View Full Version : decision altitude (height)

23rd Jan 2005, 00:43
Hello all,
my question refers mainly to a CAT I ILS with a DH of 200'.

my question is the following:

is DA the altitude at which you make the decision to either continue visually or execute the missed approach (thus implying that if you make the decision to go missed, you WILL momentarily descend somewhat below DA if you account the reaction time, engine acceleration time and aircraft vertical acceleration time) or is it a HARD STOP altitude which you should never go below unless you have the required visual reference?

I have always been of the opinion that you cannot go not even 1 foot below DA, and therefore you should take whatever action necessary to initiate the go-around in order to maintain the aircraft at or above DA (in other words start adding power and rotating to GA pitch some X ft above DA).

However after reading several discussions on other forums (here's one for example (http://www.propilot.com/doc/bbs/messages//8323.html) ) and talking to other instructors I am noticing that many pilots have a different view on this.
They believe you can reach DA, make your decision, and that it is "understood" that you will descend somewhat below DA.

One of the arguments I heard was that if its called "decision altitude" it means thats when you make the decision. However, I don't think this argument holds, because if we compare this to a V1 scenario, "decision speed", thats not really the time you start making decisions. Thats the point where the decision has already been made for you.

I was wondering what was your input on this, especially when it comes to airline SOPs. If the power advanced prior to, or at DA?
What about pitch rotation?
Whould the answer be different if the autopilot was shooting the approach? (I've never flown with an advanced AP/FD/AT so I don't know if the autopilot would automatically execute a GA at DA or if the pilot needs to "manually" tell it to execute TOGA thrust and pitch attitude).

In most airline SOPs, is it "understood" that you will descend somewhat below DH?

If not, how much above DA do you generally start advancing the throttles?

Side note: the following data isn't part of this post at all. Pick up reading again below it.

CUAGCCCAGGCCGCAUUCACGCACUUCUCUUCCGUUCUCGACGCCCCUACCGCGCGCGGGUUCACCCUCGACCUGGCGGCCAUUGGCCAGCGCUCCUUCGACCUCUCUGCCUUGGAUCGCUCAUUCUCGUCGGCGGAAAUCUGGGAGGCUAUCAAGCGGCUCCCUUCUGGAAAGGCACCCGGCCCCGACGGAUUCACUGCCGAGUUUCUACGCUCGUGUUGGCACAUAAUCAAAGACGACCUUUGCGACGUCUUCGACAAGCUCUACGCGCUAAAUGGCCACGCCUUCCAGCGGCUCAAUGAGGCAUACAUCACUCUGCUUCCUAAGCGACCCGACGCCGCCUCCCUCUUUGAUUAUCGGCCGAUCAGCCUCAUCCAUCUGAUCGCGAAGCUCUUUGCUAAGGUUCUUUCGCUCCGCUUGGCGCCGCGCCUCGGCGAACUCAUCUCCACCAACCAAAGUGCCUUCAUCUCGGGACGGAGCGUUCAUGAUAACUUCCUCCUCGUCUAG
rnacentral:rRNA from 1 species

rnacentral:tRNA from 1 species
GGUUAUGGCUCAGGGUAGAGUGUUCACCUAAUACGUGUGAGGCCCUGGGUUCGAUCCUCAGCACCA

I understand the amount of "driftdown" from the time the throttles are advanced to the time the aircarft starts climbing will be different from say, an older 747 with older engines and slower spool-up times having a momentum of over half-million pounds descending at 700/800fpm flying at Vref, to a C-172 at 450fpm shooting the approach at over twice Vs1 that can afford to stop the descent rather abruptly even without immediately adding power due to the higher stall margin. However, its also true that the airlines have the advantage of a 2 person crew, where the PNF is looking outside when approaching DA. In a single-pilot operation, if the pilot waits until he hits DA before looking out, then has to re-transition to his intruments and execute the go-around, there will also be some degree of altitude loss.

All inputs are appreciated.


PS. By the way, when flying in the US with a sensitive altimeter, an error of +/-75ft is allowed, therefore when your altimeter reads 200ft yo may well be only 125ft above TDZE...which is not necessarily AGL. Not the time I'd like to risk getting any lower.

23rd Jan 2005, 00:49
MDA is dead stop altitude with no margin.

DA can be breached provided you have initiated the go-around before you reach it (ie. you can sink below DA as long as the nose is up and power is applied)

HG :ok:

As for the altimeter error. As far as I am aware, that is accounted for when your DA is calculated.
It is basically aerodrome altitude + allowance (this is category dependent)

I think Cat C + D is about +150\' (but don\'t quote me)

23rd Jan 2005, 04:08
In Cat 1 approach, the DA is based on a barometric altitude. Look at the approach plates, the DA is runway elevation plus 200'. this equates to approx 200' from the ground, taking into account the terrain in the approach it may be higher or lower than 200' on rad alt but never lower than 200' from the runway.

It is an alt that at which you decide to continue for a landing or go around to execute a missed approach. There fore you can desend below, as you say for reaction time etc,,, for example heavies in a cat II approach allow for the wheels to touch the runway, but by this stage you have set G/A power, just the mommentum taking you below.